Getting the most out of a narrow room

January 30, 1994|By Rita St. Clair | Rita St. Clair,Contributing Writer Los Angeles Times Syndicate

Q: I need advice on refurnishing a narrow living room that has a fireplace in the middle of the long wall. My aim is to provide seating for eight people, but I also want to leave space for a writing table. What would be the best way to arrange all this furniture?

A: To give specific advice I need to know the exact size of your living room as well as the location of the doors and windows. I'll assume, however, that your fairly narrow space is about 20 feet long and at least 12 feet wide, with doors at either end of the room and with windows opposite the fireplace. If that approximates the room's actual layout, you should be able to create a comfortable and balanced setting by following a few easy guidelines.

This photo shows how the furniture placement might look in one end-section of the room.

Start by visibly enhancing the room's width. That can be done simply by placing some of the furniture perpendicular to the long fireplace wall. One possibility is to arrange a pair of love seats, each about 50 inches long, so that they face one another across a narrow coffee table.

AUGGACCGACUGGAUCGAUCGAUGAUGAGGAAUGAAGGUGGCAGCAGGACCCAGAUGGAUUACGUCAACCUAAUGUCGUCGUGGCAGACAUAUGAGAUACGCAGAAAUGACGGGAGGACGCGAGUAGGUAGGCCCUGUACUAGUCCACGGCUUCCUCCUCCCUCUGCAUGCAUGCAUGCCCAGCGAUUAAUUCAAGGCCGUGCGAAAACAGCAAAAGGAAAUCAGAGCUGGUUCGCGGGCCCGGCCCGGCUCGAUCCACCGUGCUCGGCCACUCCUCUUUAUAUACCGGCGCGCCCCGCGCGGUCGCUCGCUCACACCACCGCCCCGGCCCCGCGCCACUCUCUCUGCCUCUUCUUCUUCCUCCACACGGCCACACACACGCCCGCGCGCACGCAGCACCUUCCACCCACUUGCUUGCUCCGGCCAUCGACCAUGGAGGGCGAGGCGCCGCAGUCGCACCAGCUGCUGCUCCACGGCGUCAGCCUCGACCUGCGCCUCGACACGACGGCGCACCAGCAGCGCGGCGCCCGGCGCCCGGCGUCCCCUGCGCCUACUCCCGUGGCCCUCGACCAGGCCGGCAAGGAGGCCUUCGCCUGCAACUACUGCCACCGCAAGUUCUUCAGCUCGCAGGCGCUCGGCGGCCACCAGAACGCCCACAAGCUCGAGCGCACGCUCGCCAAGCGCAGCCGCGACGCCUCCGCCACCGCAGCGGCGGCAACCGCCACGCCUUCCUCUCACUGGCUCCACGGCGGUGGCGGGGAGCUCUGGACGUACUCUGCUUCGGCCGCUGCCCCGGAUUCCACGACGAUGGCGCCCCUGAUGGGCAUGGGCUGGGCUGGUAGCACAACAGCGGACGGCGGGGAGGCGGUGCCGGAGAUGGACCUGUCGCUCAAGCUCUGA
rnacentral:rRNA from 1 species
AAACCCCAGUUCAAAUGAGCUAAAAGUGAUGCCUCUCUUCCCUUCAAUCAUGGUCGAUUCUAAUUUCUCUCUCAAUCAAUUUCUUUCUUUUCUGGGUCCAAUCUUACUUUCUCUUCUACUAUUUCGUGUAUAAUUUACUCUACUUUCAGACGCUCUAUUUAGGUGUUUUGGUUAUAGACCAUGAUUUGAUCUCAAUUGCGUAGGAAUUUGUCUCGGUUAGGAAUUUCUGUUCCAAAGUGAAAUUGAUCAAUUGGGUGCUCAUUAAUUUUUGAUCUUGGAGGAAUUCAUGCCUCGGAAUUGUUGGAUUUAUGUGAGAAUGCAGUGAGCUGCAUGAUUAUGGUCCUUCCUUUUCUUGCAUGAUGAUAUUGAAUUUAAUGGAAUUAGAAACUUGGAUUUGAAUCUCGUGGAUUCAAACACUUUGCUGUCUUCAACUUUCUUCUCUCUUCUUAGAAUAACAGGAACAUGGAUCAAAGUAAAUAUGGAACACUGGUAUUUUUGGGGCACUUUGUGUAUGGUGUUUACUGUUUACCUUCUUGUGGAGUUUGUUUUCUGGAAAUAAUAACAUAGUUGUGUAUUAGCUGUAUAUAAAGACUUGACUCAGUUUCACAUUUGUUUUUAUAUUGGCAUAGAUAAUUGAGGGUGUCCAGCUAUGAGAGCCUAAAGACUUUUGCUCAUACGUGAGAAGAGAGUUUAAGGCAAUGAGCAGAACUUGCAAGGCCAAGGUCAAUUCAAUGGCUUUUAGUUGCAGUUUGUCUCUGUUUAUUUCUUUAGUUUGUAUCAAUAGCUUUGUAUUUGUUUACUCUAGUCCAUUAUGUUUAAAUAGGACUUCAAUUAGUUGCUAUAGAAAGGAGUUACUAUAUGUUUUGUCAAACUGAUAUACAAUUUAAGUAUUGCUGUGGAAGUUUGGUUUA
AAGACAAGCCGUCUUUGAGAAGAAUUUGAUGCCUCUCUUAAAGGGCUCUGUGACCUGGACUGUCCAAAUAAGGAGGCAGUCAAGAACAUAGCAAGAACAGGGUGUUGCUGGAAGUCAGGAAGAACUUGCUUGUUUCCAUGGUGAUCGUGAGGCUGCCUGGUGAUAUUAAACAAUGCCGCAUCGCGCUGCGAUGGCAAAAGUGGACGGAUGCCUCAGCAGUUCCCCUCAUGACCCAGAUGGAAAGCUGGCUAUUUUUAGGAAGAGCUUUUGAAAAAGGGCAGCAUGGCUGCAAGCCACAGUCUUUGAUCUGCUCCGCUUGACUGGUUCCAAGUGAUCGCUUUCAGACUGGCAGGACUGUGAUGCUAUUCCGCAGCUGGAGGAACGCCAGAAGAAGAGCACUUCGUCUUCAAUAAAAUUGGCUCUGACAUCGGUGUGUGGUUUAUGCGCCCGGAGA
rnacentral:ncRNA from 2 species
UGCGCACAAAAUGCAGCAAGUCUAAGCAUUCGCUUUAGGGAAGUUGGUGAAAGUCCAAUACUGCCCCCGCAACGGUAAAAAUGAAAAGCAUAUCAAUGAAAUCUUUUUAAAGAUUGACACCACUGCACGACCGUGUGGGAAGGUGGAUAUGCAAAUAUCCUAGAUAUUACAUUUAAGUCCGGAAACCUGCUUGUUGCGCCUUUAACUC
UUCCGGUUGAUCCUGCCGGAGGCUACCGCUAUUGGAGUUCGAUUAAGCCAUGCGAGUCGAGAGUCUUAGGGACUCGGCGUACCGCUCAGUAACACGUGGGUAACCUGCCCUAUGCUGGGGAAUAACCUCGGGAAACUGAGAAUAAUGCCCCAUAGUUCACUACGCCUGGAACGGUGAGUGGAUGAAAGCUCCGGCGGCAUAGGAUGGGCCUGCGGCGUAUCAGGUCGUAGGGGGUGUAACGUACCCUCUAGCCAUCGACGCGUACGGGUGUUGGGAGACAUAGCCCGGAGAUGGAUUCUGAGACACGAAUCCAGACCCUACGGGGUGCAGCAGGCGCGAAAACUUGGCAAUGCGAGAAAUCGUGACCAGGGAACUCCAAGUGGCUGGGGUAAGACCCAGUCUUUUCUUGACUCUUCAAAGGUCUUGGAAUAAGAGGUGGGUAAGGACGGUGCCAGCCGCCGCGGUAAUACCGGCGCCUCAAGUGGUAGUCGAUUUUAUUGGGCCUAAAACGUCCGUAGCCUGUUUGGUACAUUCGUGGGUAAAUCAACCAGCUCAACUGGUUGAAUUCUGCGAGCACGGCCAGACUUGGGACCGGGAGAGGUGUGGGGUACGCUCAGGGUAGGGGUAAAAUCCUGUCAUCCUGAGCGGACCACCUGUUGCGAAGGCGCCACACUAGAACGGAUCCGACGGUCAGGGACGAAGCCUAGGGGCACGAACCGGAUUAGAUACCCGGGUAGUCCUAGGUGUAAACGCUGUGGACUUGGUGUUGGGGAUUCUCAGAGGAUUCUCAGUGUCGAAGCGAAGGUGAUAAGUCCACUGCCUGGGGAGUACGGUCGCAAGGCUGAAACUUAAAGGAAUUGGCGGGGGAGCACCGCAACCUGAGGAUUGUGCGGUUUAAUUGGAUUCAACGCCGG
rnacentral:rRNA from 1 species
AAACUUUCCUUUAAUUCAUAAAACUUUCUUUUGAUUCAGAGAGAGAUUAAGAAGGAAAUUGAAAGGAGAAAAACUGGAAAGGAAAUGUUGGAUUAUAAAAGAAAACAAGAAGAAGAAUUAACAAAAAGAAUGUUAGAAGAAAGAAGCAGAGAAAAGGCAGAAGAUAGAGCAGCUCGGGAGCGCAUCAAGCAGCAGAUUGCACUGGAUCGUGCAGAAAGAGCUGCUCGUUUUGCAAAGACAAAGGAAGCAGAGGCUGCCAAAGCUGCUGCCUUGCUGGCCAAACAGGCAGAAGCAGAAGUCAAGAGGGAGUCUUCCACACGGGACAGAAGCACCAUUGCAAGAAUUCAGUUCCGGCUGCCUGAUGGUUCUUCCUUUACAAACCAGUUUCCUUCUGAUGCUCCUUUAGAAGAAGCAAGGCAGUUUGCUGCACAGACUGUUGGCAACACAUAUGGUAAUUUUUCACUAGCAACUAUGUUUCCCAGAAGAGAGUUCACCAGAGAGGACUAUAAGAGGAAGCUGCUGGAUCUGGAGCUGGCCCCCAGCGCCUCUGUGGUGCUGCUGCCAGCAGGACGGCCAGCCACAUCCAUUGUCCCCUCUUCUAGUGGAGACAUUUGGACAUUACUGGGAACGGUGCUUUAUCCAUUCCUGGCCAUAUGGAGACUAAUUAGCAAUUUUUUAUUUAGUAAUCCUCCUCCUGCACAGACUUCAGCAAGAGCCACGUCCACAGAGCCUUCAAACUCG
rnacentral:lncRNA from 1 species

A tall cabinet like the bookcase shown in the photo could then be placed on one side of the fireplace facing the other long wall. Besides its obvious functional advantages, a piece of this sort will introduce some needed visual variety by focusing attention on the room's height rather than on its narrow width.

You could place your writing table behind one of the love seats, just as was done in this model. Accompany it with an upholstered armchair that can be used as an additional seating piece for large gatherings.

The rest of the seating group can be made up of two or three medium-size chairs on casters. I would situate them in a loose, semi-circular array near the wall opposite the fireplace. They can easily be rolled closer to the love seats to form a cozy fireside conversation cluster when guests arrive. An ottoman or other small occasional piece might be tucked into a corner or placed beside a table, from where it can also be called into service during parties.

To round out the room's design, fill the corners with plants and perhaps a sculpture atop a pedestal. And as a final touch, consider hanging a decoratively framed mirror above the mantel, which will further enhance the illusion of width.

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